“In my whole life, I have known no wise people who didn’t read all the time — none, zero.” Charlie Munger
When I was in college (1984) my father gave me Alvin Toffler’s “The Third Wave” to read. It explained the change in economic history that was occurring at the time. It explained how the economy was evolving from farming to industrialization to an economy based on information. The lesson, that has stayed with me, is progress moves on and one must adapt.
Many, including myself, believe that we are in a new age of robots/artificial intelligence. We can fight and lose or adapt.
There are a couple books I have recently read, in fact I have read them both two times. They do a great job of explaining where are economy and jobs are heading and how to adapt. They are highlighted below.
This is the time for graduates to start cultivating a habit of reading, for growth, 30 minutes a day. It will set them apart. That is why I am recommending the following books for high school and college graduates.
There may be parts of the book that involve working in a company that the graduate may not relate to. But this is a must read in my opinion. It is my 2017′ “The Third Wave.”
Below is from the description on Amazon:
We are on the leading edge of a Smart Machine Age led by artificial intelligence that will be as transformative as the Industrial Revolution was for our ancestors. Smart machines will take over millions of jobs, and not just factory work. White-collar jobs, including the professions, also will be automated. Not only can smart machines store more data and analyze it faster than any mere human, say Edward Hess and Katherine Ludwig, but also they’re free of the emotional, psychological, and cultural baggage that so often mars human thinking.
So when it comes to smart machines, we can’t beat ’em and we can’t join ’em. To win, we have to play a different game. Hess and Ludwig offer us that game plan. The key is to change our definition of what it means to be smart. We need to excel at critical, creative, and innovative thinking and emotionally engaging with others—things machines can’t do well. Hess and Ludwig call it being NewSmart. In this extraordinarily timely book, they offer detailed guidance for developing five NewSmart attitudes and four critical behaviors that will help us adapt to the new reality.
The crucial mindset underlying NewSmart is humility—not self-effacement but an accurate self-appraisal: acknowledging you can’t have all the answers, remaining open to new ideas, and committing yourself to lifelong learning. Drawing on extensive multidisciplinary research, Hess and Ludwig emphasize that the key to success in this new era is not to be more like the robots but to build on the best of what makes us human and to excel at doing what technology can’t do well.
In Rise of the Robots, Ford details what machine intelligence and robotics can accomplish, and implores employers, scholars, and policy makers alike to face the implications. The past solutions to technological disruption, especially more training and education, aren’t going to work, and we must decide, now, whether the future will see broad-based prosperity or catastrophic levels of inequality and economic insecurity. Rise of the Robots is essential reading for anyone who wants to understand what accelerating technology means for their own economic prospects—not to mention those of their children—as well as for society as a whole.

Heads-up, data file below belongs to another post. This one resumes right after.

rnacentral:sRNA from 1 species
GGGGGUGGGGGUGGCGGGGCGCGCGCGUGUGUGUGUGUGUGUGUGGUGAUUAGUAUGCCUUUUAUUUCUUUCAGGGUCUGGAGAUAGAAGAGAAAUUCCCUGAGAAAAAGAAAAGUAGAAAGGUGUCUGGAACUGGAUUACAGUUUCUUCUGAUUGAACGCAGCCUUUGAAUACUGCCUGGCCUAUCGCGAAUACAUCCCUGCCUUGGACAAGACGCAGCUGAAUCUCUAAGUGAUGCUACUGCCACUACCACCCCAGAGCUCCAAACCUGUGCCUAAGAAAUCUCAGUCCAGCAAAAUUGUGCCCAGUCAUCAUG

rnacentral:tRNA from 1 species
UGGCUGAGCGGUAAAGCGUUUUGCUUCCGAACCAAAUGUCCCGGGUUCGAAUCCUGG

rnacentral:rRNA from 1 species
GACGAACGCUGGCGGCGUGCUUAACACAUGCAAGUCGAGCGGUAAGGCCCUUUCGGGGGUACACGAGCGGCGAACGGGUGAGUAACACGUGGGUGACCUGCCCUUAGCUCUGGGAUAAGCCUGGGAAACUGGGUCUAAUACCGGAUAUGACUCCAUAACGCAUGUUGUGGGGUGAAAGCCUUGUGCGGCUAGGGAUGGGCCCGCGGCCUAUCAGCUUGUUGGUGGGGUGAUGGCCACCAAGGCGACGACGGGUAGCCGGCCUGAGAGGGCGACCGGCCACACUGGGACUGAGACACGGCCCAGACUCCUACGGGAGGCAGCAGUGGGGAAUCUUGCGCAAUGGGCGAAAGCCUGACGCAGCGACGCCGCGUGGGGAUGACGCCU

Here are a couple non- robot related recommendations:
Charlie Munger’s book “Poor Charlie’s Almanac” was the inspiration for this book. “Pebbles” is a series of short chapters that give introductions to some valuable lessons . In fact, I gave my millennial children this book past Christmas.
Here is a the table of contents:
PART I CURIOSITY 17 Chapter One: Is There a Better Question? 19 Chapter Two: Lifelong Learning 25 Chapter Three: Listening 33 Chapter Four: Incentives 39 Chapter Five: Consider the Context 45 PART II CHARACTER 51 Chapter Six: Start by Considering the End and the Opposite 53 Chapter Seven: Emotional Intelligence 59 Chapter Eight: Fear 67 Chapter Nine: Know Yourself, Be Yourself, Mind Yourself 75 Chapter Ten: Be Kind to Your Parents 83 Chapter Eleven: Sales, Negotiation and Influence 87 Chapter Twelve: Adversity 99 Chapter Thirteen: Be
I can’t say enough about this book.
—the improbable, intimate account of how nine working-class boys from the American West showed the world at the 1936 Olympics in Berlin what true grit really meant.
We think we have it tough. The main character in this true story was abandoned at age 15 by his dad and step mom and worked his way through college by dangling from ropes with a jack hammer and chipping away at stone to build the Grand Coulee Dam.
This will give any graduate perspective on how good they have it and what real grit is!